Voices of others
Thank you so much for publishing the “On the rise” story on diagnoses of MS increasing in Latinos and Hispanics in the Winter 2017-18 issue. As a Latino with MS, having representation of my identity presented with care and precision has pleased and comforted me greatly. Since being diagnosed, I have wondered-but admittedly hadn’t sought out-if any study of MS in the Latino community had been made. Please continue to seek out other demographics of people affected by MS, not only in the United States, but internationally. We need to learn from and relate to voices of others that share our diagnosis. Keep up the good work.
Antonio Manriquez, California
MS can’t take our creativity
Great creative outlet, John Roy (“American montage,” Winter 2017-18). MS can deprive us of many things, but not our creativity. Sometimes that is all I have. Since my diagnosis (2005) and leaving my job in 2007, I needed something to do to continue to make a difference in people’s lives and a place to direct my creativity. Since then, I have been watercolor painting (no formal training) and turning the paintings into cards to sell to raise money for MS research and programs. We generally make $13,000 per year that we are able to donate. Very satisfying. Go, John! Your work is inspirational.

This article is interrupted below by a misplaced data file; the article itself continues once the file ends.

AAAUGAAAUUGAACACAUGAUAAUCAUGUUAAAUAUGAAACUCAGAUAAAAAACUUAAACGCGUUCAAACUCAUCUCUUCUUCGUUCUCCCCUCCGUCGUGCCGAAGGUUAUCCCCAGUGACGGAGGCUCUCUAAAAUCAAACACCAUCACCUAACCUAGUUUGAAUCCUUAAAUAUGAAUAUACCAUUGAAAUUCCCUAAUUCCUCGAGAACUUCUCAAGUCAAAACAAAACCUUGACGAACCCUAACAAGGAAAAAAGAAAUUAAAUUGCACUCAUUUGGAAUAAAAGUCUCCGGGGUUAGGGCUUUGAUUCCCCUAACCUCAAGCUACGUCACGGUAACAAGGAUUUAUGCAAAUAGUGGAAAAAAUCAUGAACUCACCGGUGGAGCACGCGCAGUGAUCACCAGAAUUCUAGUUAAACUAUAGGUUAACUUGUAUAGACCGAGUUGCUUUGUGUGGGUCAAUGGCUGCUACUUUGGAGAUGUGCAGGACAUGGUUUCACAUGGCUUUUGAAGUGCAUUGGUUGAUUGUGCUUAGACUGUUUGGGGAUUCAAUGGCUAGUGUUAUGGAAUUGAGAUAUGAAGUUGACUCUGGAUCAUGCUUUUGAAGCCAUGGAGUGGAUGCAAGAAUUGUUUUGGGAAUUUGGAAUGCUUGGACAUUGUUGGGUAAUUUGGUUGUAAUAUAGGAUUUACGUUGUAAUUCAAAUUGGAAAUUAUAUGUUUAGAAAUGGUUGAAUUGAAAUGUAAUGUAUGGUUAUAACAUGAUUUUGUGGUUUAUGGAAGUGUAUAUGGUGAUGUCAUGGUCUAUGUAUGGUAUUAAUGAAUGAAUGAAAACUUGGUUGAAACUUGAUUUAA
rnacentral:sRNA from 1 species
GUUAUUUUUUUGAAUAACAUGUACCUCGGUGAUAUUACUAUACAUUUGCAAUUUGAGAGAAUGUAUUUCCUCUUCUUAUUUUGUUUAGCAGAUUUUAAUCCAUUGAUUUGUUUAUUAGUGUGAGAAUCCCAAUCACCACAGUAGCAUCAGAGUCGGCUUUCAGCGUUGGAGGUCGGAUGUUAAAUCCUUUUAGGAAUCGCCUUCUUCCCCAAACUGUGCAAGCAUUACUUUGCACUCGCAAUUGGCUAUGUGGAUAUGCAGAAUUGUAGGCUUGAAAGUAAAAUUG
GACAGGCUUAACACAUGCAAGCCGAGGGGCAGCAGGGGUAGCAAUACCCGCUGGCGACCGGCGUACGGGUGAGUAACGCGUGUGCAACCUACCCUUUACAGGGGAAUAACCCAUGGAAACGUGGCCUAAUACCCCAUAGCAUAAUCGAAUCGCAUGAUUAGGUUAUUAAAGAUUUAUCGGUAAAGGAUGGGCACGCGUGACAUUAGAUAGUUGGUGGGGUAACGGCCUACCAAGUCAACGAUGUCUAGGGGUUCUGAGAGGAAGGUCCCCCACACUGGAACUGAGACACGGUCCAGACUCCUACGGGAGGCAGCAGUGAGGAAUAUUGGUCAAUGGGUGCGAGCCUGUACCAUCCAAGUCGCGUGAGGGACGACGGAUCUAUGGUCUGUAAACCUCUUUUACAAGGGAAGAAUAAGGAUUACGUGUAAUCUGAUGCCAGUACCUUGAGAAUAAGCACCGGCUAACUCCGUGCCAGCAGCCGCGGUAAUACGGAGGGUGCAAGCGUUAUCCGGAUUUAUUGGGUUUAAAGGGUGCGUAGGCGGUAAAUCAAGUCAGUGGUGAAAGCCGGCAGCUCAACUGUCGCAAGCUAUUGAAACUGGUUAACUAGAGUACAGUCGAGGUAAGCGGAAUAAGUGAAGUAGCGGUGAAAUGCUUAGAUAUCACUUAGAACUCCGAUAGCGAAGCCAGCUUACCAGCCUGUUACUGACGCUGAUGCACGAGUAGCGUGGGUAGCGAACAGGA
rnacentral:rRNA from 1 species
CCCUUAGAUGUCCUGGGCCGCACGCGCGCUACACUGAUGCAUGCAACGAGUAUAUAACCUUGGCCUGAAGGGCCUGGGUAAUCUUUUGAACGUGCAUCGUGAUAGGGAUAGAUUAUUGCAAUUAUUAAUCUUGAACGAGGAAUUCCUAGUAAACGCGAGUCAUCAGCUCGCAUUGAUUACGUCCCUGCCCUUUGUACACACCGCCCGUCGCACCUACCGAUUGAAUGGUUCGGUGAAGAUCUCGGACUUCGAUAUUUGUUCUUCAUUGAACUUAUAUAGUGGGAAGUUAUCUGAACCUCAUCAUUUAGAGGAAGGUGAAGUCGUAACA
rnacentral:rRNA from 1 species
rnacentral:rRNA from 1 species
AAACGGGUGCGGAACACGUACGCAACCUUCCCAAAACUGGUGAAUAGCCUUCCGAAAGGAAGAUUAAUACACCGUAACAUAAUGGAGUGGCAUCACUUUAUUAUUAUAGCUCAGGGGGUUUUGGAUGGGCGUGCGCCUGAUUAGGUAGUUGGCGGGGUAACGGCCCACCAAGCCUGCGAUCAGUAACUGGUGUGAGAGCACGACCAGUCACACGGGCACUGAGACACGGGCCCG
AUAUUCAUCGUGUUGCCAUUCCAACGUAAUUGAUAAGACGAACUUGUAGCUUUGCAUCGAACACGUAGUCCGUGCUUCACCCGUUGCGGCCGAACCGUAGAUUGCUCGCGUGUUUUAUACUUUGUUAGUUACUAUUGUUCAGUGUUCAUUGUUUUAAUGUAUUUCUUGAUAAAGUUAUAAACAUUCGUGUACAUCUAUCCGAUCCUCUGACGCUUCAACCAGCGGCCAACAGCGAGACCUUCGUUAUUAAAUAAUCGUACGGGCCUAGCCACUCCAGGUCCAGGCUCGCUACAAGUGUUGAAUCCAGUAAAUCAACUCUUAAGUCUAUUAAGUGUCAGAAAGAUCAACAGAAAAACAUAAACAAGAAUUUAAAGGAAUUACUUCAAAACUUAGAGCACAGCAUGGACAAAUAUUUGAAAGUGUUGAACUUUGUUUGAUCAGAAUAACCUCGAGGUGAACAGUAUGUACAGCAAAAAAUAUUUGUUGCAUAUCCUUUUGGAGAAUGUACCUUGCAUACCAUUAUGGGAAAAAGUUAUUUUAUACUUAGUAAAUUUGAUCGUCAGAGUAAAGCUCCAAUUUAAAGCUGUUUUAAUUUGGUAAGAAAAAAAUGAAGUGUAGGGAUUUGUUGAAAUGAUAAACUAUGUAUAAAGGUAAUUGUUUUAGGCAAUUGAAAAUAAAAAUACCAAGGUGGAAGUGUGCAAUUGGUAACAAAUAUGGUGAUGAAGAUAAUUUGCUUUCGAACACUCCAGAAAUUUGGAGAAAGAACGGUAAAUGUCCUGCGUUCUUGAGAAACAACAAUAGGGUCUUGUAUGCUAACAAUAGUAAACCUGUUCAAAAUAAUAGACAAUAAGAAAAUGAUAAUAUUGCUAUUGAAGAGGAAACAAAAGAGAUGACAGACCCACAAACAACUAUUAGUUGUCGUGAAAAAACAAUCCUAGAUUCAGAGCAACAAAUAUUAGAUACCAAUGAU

Pat Heller, Wisconsin
Bruce is amazing
Thank you for the article about Mr. Tuttle (“My friend Bruce,” Winter 2017-18). Bruce is an amazing man.
Guy Swentek, California
I just wanted to express my surprise and gratitude at reading the article about Tarita Davenock (“Globe trotting,” Fall 2017). As a plus-sized gal myself, I was so happy to see someone like me represented on the cover of Momentum. Let’s be honest, when it comes to traveling, no one really wants that pesky companion, MS, along for the ride. But, it was so refreshing to read about all the things Tarita has accomplished when it comes to traveling with MS. Thank you!
Kelly Westerdahl, New York
Thank you for addressing how some individuals handle the problem of embarrassing symptoms (“No shame,” Fall 2017). I was diagnosed with MS in my 50s. My main concerns are bladder issues and balance, but I walk without assistance. I was encouraged to realize that I am not alone. Thank you for the honesty in this article.
Brenda Fritschen, Texas
Long road to SSDI approval
Your Winter 2017-18 “In the know” section reminded me of when I applied for Social Security Disability Insurance over 20 years ago. The examiner wanted to know if I’d seen a psychiatrist! She had no clue as to what a neurological disease was and had never heard of MS. I don’t know how I did it, but eventually I convinced her that MS was a neurological disease and got approved.